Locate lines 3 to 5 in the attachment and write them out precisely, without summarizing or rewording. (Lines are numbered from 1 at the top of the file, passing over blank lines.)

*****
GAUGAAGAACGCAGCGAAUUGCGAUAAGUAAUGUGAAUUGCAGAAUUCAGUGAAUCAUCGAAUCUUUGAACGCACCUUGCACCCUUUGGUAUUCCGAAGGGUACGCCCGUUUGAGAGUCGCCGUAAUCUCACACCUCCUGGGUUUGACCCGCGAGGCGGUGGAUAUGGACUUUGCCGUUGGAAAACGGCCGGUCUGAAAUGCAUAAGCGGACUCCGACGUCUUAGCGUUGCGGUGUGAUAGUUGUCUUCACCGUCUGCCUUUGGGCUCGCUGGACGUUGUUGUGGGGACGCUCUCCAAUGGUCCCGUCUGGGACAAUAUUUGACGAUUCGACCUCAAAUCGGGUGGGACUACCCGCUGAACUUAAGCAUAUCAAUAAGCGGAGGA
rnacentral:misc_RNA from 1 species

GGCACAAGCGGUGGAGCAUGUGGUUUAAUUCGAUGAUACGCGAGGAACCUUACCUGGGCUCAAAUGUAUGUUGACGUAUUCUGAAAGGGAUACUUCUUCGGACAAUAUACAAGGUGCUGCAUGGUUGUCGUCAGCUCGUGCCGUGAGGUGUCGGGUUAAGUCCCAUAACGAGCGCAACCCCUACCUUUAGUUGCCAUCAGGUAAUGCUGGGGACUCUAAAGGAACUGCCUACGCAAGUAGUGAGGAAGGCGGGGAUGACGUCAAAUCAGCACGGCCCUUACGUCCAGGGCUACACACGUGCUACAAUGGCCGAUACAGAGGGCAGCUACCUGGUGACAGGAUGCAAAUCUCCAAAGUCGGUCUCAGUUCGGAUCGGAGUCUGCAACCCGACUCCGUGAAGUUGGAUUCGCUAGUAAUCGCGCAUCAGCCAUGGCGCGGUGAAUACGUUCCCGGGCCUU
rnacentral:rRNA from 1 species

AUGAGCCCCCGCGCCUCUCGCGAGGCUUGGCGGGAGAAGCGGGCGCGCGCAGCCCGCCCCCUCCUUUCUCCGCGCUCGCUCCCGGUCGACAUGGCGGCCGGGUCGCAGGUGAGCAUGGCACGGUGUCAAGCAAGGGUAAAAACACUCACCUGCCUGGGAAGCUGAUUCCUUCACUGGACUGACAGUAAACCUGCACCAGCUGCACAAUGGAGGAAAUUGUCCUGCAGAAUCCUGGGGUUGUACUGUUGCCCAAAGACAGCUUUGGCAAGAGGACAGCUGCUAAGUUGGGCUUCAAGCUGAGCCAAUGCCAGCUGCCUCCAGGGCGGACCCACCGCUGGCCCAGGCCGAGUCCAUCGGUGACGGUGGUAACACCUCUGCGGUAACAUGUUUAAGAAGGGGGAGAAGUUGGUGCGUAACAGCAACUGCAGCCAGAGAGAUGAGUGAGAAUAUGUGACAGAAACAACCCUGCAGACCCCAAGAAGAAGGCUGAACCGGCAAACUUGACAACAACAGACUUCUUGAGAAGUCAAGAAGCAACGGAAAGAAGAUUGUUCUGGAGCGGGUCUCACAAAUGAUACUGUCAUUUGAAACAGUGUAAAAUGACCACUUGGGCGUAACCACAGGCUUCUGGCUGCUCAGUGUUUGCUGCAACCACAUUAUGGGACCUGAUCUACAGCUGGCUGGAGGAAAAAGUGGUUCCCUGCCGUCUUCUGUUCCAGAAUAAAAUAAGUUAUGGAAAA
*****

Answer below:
GGCACAAGCGGUGGAGCAUGUGGUUUAAUUCGAUGAUACGCGAGGAACCUUACCUGGGCUCAAAUGUAUGUUGACGUAUUCUGAAAGGGAUACUUCUUCGGACAAUAUACAAGGUGCUGCAUGGUUGUCGUCAGCUCGUGCCGUGAGGUGUCGGGUUAAGUCCCAUAACGAGCGCAACCCCUACCUUUAGUUGCCAUCAGGUAAUGCUGGGGACUCUAAAGGAACUGCCUACGCAAGUAGUGAGGAAGGCGGGGAUGACGUCAAAUCAGCACGGCCCUUACGUCCAGGGCUACACACGUGCUACAAUGGCCGAUACAGAGGGCAGCUACCUGGUGACAGGAUGCAAAUCUCCAAAGUCGGUCUCAGUUCGGAUCGGAGUCUGCAACCCGACUCCGUGAAGUUGGAUUCGCUAGUAAUCGCGCAUCAGCCAUGGCGCGGUGAAUACGUUCCCGGGCCUU
rnacentral:rRNA from 1 species

AUGAGCCCCCGCGCCUCUCGCGAGGCUUGGCGGGAGAAGCGGGCGCGCGCAGCCCGCCCCCUCCUUUCUCCGCGCUCGCUCCCGGUCGACAUGGCGGCCGGGUCGCAGGUGAGCAUGGCACGGUGUCAAGCAAGGGUAAAAACACUCACCUGCCUGGGAAGCUGAUUCCUUCACUGGACUGACAGUAAACCUGCACCAGCUGCACAAUGGAGGAAAUUGUCCUGCAGAAUCCUGGGGUUGUACUGUUGCCCAAAGACAGCUUUGGCAAGAGGACAGCUGCUAAGUUGGGCUUCAAGCUGAGCCAAUGCCAGCUGCCUCCAGGGCGGACCCACCGCUGGCCCAGGCCGAGUCCAUCGGUGACGGUGGUAACACCUCUGCGGUAACAUGUUUAAGAAGGGGGAGAAGUUGGUGCGUAACAGCAACUGCAGCCAGAGAGAUGAGUGAGAAUAUGUGACAGAAACAACCCUGCAGACCCCAAGAAGAAGGCUGAACCGGCAAACUUGACAACAACAGACUUCUUGAGAAGUCAAGAAGCAACGGAAAGAAGAUUGUUCUGGAGCGGGUCUCACAAAUGAUACUGUCAUUUGAAACAGUGUAAAAUGACCACUUGGGCGUAACCACAGGCUUCUGGCUGCUCAGUGUUUGCUGCAACCACAUUAUGGGACCUGAUCUACAGCUGGCUGGAGGAAAAAGUGGUUCCCUGCCGUCUUCUGUUCCAGAAUAAAAUAAGUUAUGGAAAA